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William Hodgson (1765-1820) was a native of White Haven, England, born in 1765; emigrated to America, and settled in Alexandria, about the year 1785. In 1790, Hodgson bought a house at 207 Prince Street. After his marriage to Portia Lee (1777-1840) in May1799 he conducted a dry goods business on the first floor, using the upper floors for family quarters. From the Day Book presented here, it is clear that Hodgson’s commercial ventures were spread across a vast area, with Hodgson frequently involved with ship cargoes from the Caribbean, England, and the Continent. Hodgson’s business thrived, and in 1806 he acquired a second house on Prince Street, between Fairfax and Water Streets, to handle the growing stocks of goods. In addition, Hodgson maintained a frame warehouse adjoining his primary business at 207 Prince Street.More than 700 items are listed in Hodgson’s inventory of goods, ranging from the finest livery for ladies and gentlemen to the ordinary nails, axes, adzes, and tools for the workman. Through his wife, Hodgson had access to the elite of the city at that time, and the most notable of his clients was Martha Washington. He also conducted long-range ventures in the Caribbean and Europe. The entries not only give an accurate account of business dealings of the time, but they offer a rare window into the lifestyle and buying habits of early nineteenth century townfolk. What is remarkable is the prolific selections of goods which were purchased from this “drygoods” dealer.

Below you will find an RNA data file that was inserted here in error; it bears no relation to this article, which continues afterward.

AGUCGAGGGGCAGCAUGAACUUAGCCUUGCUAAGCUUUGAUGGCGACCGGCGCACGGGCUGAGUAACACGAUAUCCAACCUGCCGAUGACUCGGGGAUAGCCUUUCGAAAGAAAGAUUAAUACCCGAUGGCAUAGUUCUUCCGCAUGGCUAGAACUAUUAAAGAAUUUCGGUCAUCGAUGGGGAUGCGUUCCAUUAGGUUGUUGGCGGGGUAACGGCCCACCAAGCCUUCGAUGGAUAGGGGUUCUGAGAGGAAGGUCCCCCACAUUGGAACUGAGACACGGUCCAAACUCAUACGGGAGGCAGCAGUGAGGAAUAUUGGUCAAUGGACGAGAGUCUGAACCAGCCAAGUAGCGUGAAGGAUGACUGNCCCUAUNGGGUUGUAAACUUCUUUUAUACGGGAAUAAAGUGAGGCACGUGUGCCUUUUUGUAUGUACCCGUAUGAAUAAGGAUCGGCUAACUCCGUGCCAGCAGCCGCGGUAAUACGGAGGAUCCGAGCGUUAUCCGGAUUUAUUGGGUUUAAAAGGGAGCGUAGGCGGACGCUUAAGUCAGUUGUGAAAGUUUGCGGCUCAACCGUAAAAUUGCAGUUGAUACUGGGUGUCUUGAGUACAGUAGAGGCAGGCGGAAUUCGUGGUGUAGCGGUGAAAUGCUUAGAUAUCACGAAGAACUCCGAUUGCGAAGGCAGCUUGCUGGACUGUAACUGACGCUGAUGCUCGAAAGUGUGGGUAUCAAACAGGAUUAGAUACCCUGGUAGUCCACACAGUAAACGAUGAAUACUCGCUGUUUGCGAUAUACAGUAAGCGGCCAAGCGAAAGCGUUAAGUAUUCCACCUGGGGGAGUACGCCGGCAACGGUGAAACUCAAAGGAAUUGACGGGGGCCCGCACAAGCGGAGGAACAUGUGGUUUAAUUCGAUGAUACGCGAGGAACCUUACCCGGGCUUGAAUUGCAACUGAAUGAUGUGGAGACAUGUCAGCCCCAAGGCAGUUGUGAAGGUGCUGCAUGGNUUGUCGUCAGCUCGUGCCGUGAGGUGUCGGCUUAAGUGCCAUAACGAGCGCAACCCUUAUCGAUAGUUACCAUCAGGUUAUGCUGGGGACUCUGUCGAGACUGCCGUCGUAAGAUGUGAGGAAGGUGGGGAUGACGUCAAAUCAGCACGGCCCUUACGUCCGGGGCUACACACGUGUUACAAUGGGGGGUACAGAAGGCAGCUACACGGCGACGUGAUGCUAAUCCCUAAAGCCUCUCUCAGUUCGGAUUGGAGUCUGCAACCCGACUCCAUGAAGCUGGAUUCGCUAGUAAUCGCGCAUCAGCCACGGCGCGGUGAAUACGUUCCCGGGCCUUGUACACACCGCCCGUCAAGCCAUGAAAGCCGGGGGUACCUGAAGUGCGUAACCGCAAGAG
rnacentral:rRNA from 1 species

1997, (2011), paper, 115 pp.